Good afternoon, and thank you to the Faculty of the University of Cincinnati for the invitation to speak to you today.
Thank you, in particular, to Rick Karp as Faculty Chair and member of the Search and Screen Committee and your academic colleagues on the committee. You were very well represented throughout the search, and of course, I found the outcome very satisfactory!
I would like to thank the Board of Trustees, as well. My remarks today are largely a distillation of the observations shared with me throughout the search and the ambitions of both the Board of Trustees and the members of the Search and Screen Committee as conveyed to me during that process.
And thanks to you (faculty, staff, students and friends) for taking time out of your busy schedules today to attend not only this plenary address but also the very compelling session previously presented by IU professor George Kuh. And for those of you still in the classroom or office at this moment, thanks for tuning into the webcast, or reading this message on our UC Web site.
Let me also remind you that – if counting only business days – this is my 11th! I am only able to stand before you today because of the company I have been keeping. You might not know, but shortly after my brief introduction to the UC community on July 22, I dashed off an email to Vice President Greg Vehr outlining my hopes and expectations for what I then called “Day One, Week One, Month One.” By now, two of those hurdles have been eclipsed: Day One and Week One. They were filled with:
• A visit to every college save my forthcoming visit to Raymond Walters College
• A very early Cabinet meeting
• A meeting with the Executive Committee of the Faculty Senate, and a regular Senate meeting
• A reception with the leadership of the Undergraduate Student Government
• Cameo appearances with selected advisory, honorary and scholarship events
• And tours – by foot or by golf cart – of most, if not all, of the acreage of our West and East campuses.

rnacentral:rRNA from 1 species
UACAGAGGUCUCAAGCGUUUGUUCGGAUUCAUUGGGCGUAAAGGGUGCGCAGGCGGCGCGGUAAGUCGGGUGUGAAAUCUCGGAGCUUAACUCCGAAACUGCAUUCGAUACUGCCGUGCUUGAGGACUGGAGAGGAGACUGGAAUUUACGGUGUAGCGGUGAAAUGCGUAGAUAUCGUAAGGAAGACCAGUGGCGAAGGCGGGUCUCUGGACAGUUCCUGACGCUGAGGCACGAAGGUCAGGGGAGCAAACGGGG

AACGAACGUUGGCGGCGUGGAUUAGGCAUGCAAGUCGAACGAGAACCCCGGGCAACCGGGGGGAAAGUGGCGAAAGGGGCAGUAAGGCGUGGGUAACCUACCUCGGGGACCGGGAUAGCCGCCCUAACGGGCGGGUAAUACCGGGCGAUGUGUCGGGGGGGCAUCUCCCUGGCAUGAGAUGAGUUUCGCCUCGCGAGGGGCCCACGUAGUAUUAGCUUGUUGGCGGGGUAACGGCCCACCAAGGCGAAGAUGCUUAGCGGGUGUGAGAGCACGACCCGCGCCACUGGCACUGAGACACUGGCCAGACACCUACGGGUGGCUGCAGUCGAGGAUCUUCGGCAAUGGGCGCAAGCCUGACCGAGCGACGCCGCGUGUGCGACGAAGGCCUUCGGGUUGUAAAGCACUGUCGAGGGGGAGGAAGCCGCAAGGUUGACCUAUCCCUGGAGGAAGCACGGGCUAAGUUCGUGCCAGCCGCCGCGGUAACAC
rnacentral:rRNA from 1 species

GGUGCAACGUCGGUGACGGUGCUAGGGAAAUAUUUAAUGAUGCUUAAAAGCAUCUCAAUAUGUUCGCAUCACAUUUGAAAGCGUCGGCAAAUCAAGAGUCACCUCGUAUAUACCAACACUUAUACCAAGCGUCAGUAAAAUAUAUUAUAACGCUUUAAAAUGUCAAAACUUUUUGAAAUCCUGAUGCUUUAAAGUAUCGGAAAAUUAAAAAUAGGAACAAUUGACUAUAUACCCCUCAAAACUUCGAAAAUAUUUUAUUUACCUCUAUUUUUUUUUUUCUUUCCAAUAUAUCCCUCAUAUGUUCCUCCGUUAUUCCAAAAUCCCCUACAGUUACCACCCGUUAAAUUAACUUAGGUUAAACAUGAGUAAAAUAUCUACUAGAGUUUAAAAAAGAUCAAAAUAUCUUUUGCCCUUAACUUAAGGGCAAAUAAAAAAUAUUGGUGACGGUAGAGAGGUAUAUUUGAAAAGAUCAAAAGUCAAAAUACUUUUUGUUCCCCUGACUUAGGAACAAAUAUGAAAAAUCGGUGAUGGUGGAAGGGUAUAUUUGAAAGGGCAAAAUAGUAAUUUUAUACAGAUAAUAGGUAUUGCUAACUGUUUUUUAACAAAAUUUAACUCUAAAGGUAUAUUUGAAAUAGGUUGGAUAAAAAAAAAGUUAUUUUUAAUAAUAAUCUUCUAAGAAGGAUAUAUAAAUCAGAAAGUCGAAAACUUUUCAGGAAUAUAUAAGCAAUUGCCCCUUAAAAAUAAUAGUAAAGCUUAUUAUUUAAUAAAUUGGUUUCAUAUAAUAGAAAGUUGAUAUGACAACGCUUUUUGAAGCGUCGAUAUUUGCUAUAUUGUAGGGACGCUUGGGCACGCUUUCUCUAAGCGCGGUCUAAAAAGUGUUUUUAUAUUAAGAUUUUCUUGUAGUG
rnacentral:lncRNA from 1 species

During these brief introductions to UC, I have:
• Discovered that we have almost as many zebra fish as students on this campus
• Had my first-ever inspection of one of our high powered confocal microscopes
• Peered into another human’s brain at the Center for Imaging Research
• Tested the culinary treats of the MarketPointe Dining Hall
• Addressed Bearcat fans from the 50-Yard Line at Nippert Stadium, and
• Shared a high-five with the tuxedo-clad Bearcat himself
With all this visibility, you wonder, don’t you, about the highly scientific survey results from students polled on Day One about just who exactly is this new president. According to the Cincinnati Enquirer, nine out of 12 students knew there was a new president. Three knew my name. No one knew where my previous job was, but the two best guesses were Chicago and Canada. (For the record, it was Milwaukee.)
Tom Riesenberg, a freshman from Madeira, gave an early vote of confidence: "I still don't know her name, but I'm sure she's qualified for the job or she wouldn't have gotten the job."
Matt Niese of Anderson Township exhibited “instant recall” when he reported: "I found out about it this morning. An economics professor talked about it in class. I know that she exists.”
But Mike Greene of Mount Healthy put the transition in perspective: "I heard last year in one of my classes that the old guy was retiring, and it was going to be a woman coming in."
That brings me squarely to Joe Steger and his legacy. Many have observed that the physicality of this campus has truly been transformed over the past two decades. Clearly Joe’s hand has been at work in every aspect of the Campus Master Plan.
But when I saw that wonderful photo in the Enquirer on September 30, on Page One, above the fold – you know, the one captioned “packed up, moving on” – it reminded me of another important dimension of Joe’s legacy: the legacy of a strong and vibrant faculty, a dedicated and hard-working staff, a dynamic and diverse student body, and many, many alumni and friends of the University of Cincinnati, who care greatly about this place.
Together you represent our incredible opportunity to build on UC’s greatness. While you are the most important building block, there are many others, including:
• UC’s comprehensive program array; and the potential for creating more cross-disciplinary programs in the arts, the sciences, the humanities, the health sciences and the professional programs.
• UC's strength as a “research powerhouse.” We have exceptional intellectual capacity.
• UC’s diverse and excellent student body and the value diversity adds to this campus and the community.
• UC’s increasing recognition as a destination campus, a global as well as a local and regional campus, a reputation based in large part on your world-class co-op program and its ongoing potential.